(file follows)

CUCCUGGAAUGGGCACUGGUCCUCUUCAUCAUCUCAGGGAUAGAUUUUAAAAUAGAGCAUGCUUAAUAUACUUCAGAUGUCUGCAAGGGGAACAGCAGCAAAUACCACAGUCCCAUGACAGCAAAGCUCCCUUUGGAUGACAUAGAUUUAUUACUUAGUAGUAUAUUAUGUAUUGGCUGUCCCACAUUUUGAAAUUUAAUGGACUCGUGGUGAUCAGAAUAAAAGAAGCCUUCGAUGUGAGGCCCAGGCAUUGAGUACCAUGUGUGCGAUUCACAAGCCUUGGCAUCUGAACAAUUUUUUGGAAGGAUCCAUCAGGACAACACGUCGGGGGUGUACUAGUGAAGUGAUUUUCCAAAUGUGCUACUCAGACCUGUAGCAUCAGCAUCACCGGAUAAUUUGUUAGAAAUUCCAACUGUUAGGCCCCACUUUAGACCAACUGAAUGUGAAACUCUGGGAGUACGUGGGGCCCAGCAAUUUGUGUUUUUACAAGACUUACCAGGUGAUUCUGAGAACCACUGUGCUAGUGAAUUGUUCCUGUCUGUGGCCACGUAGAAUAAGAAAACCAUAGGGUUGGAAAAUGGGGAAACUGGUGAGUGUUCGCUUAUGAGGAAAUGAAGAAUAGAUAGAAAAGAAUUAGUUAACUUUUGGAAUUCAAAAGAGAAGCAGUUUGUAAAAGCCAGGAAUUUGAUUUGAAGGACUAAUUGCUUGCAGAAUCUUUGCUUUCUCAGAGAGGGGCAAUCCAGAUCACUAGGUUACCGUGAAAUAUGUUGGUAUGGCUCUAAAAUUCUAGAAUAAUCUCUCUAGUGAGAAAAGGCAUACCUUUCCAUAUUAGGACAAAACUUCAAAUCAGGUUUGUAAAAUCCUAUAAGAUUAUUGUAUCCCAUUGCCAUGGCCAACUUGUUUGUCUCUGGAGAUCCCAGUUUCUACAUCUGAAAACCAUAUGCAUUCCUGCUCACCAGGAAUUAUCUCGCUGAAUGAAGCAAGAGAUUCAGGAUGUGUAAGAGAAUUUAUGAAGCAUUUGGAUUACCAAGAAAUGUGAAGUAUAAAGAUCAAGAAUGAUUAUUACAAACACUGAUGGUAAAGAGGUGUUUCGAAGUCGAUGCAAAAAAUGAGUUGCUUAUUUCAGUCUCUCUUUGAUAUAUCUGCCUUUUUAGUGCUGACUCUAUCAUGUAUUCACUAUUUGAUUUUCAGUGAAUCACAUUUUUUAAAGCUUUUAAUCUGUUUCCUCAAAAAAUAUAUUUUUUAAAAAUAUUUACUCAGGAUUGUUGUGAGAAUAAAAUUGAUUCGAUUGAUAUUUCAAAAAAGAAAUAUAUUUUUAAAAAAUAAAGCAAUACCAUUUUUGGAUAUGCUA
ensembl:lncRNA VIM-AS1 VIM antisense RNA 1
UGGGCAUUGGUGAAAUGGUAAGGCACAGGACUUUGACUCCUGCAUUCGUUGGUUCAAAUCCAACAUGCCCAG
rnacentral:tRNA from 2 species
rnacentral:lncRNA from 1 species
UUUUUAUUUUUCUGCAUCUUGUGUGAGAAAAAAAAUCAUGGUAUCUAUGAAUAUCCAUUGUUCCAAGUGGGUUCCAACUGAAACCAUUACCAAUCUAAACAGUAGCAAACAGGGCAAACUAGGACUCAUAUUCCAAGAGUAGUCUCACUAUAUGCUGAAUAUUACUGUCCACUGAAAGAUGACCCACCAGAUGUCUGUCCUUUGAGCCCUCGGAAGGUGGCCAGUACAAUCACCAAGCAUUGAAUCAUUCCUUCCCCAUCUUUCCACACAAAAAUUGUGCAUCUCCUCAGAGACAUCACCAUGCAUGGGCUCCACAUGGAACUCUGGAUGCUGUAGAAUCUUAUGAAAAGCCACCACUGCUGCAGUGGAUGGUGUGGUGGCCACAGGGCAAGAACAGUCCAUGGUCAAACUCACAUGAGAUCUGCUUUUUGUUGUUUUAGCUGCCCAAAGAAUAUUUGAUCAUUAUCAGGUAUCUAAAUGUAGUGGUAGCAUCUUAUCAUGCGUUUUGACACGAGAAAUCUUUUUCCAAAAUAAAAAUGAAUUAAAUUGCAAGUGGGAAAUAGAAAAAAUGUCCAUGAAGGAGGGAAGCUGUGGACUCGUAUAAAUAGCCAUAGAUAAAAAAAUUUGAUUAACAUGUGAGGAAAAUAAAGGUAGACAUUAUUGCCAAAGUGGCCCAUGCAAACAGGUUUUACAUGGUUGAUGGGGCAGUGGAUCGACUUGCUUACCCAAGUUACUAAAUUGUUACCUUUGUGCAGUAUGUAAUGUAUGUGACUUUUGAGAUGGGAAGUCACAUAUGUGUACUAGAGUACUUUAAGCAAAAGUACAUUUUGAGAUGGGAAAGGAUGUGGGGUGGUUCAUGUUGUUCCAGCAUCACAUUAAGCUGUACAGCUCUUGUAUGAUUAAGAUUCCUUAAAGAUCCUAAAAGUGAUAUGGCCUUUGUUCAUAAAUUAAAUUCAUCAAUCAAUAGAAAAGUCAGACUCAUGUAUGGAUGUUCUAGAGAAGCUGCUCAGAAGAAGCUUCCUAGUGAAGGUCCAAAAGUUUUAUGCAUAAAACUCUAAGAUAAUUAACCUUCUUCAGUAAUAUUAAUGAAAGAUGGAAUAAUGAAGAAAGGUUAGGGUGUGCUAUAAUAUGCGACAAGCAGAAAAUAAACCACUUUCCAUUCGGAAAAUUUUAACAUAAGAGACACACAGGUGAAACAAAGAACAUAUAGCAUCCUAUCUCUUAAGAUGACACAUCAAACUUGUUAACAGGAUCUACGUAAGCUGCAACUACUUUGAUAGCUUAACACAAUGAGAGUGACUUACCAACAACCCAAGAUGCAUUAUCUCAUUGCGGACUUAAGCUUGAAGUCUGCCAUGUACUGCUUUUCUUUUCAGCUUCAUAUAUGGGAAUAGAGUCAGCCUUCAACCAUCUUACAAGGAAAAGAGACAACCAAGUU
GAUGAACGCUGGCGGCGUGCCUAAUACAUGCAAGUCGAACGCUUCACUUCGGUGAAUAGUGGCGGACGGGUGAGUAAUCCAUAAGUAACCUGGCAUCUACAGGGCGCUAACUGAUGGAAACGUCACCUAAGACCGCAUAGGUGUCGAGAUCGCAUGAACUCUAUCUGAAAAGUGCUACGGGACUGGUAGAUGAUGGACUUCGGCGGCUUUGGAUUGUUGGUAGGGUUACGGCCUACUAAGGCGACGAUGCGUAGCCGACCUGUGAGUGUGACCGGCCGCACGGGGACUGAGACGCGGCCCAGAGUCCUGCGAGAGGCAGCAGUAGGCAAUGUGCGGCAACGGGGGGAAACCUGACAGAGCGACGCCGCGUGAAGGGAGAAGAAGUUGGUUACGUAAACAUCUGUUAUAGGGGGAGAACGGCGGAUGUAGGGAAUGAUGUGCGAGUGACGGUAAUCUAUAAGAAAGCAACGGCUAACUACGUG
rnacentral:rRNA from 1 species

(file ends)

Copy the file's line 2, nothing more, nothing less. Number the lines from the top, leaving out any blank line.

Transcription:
ensembl:lncRNA VIM-AS1 VIM antisense RNA 1